On BPM and Navel Gazing – Craig Reid
Standing back and looking at process in its entirety is not some self-indulgent, navel gazing exercise. By the nature of functional work, workers are primarily interested in getting their piece of work done (that’s why they studied so hard at the university of blah de blah – so they could sit and do that particular work for the next 45 years!) But doing work and doing it well doesn’t necessarily equate to good process – it’s not about doing things right, it’s about doing the right things
On BPM and Skills – Elise Olding
Dealing with the “people” aspects of change is always challenge. Developing a cadre of these skills can be an asset to any BPM practitioner who wants to increase BPM project success and positively impact bottom line results.
On BPM and Process Capture – Chris Taylor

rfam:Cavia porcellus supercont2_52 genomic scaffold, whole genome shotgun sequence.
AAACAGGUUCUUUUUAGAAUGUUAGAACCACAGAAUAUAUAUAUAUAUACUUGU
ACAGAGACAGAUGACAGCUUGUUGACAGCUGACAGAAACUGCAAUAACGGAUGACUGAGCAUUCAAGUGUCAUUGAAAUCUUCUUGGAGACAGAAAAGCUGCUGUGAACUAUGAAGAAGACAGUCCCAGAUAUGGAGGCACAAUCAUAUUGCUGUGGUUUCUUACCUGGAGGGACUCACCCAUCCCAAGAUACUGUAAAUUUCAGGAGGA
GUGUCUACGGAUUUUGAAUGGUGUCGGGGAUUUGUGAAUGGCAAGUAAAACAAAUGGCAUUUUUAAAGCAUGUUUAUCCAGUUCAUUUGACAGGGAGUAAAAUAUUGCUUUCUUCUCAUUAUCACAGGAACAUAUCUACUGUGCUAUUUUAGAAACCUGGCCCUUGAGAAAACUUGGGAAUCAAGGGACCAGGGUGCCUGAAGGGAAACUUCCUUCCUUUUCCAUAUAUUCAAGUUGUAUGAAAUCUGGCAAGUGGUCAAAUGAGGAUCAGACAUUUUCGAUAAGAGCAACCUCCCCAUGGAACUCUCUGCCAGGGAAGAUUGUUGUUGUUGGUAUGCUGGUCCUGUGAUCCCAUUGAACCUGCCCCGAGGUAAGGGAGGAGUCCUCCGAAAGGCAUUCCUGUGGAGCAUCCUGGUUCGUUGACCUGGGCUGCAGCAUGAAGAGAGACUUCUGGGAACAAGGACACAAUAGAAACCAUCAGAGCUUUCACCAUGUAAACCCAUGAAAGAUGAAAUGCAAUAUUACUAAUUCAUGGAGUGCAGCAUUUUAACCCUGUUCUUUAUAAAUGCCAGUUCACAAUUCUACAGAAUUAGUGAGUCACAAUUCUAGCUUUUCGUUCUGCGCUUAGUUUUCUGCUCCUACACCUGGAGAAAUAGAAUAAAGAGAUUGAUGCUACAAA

We see situations where there are many, widely varying scraps of process capture as well as situations where business process is in people’s heads and on Post-it notes. In either situation, finding the right starting point that doesn’t ignore the collective knowledge (in people’s heads or fragmented documents) is the key. It may look like a mess, but it is working to some degree, and attempts to change the wiring may cause the business to stumble.
On BPM Frameworks – Alberto Manuel
Companies cannot rely anymore on process frameworks like TOGAF, UBPF, e-TOM, because mangers need to understand that they need to adapt in real time to the outcomes customers are expecting. A process framework does not translate the unique business processes a company needs to execute to differentiate from competition.